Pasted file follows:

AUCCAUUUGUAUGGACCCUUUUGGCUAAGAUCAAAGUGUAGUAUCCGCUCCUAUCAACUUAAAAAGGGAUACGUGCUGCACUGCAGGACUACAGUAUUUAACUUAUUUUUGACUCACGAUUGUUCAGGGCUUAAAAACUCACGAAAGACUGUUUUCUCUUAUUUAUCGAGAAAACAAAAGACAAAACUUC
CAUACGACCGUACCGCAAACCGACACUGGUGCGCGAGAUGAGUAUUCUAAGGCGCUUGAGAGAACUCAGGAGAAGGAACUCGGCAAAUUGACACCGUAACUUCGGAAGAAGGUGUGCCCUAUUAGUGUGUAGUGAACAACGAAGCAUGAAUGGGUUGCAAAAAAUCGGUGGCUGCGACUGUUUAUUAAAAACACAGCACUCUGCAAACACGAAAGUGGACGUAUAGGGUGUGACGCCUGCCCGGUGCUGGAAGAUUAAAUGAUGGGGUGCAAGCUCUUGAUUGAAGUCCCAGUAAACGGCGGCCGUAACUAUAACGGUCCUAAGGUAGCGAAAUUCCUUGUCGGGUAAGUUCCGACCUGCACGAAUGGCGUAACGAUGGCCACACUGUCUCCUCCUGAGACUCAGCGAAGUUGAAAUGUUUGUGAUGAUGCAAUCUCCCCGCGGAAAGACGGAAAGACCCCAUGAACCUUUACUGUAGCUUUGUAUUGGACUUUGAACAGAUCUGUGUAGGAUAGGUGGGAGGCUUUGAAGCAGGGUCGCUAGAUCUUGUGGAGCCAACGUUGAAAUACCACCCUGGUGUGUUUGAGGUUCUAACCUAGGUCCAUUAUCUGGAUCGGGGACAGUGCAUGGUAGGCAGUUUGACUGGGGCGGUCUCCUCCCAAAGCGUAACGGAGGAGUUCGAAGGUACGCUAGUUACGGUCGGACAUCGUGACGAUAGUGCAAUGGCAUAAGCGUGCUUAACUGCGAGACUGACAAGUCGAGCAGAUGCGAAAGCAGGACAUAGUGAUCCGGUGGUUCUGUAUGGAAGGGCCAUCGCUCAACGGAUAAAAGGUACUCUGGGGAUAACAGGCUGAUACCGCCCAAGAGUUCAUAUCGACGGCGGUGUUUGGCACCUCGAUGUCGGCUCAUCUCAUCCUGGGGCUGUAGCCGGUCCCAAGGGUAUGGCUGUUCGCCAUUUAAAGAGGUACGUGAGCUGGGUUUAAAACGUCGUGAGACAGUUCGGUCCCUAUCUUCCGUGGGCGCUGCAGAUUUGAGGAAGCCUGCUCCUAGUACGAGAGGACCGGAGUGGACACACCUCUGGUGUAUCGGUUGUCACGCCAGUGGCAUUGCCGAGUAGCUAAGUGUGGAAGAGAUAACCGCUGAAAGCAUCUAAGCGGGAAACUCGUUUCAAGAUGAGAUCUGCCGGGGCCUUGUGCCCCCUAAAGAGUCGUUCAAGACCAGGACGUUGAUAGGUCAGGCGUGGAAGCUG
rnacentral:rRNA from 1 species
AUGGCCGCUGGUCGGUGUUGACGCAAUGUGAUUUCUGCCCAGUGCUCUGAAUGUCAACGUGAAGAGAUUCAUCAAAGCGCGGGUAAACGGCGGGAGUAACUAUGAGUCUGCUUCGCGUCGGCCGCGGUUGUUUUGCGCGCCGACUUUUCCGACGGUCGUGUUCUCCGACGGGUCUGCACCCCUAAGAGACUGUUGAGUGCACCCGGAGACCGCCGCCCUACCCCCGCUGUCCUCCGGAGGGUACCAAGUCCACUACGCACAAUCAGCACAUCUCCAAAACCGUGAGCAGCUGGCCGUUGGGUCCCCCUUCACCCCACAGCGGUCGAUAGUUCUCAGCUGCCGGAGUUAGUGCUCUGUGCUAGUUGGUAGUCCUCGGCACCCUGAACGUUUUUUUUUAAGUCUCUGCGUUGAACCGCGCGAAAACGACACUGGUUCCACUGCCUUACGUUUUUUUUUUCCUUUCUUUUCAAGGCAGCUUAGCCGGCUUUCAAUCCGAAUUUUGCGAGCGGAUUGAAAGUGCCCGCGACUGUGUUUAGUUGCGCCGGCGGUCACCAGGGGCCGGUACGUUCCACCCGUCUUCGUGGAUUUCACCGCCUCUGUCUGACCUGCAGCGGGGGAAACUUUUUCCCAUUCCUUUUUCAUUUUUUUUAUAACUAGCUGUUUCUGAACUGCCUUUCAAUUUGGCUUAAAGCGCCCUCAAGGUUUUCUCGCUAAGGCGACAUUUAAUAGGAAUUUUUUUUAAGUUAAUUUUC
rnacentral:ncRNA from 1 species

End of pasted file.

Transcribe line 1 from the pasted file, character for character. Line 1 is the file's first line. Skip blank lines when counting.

AUCCAUUUGUAUGGACCCUUUUGGCUAAGAUCAAAGUGUAGUAUCCGCUCCUAUCAACUUAAAAAGGGAUACGUGCUGCACUGCAGGACUACAGUAUUUAACUUAUUUUUGACUCACGAUUGUUCAGGGCUUAAAAACUCACGAAAGACUGUUUUCUCUUAUUUAUCGAGAAAACAAAAGACAAAACUUC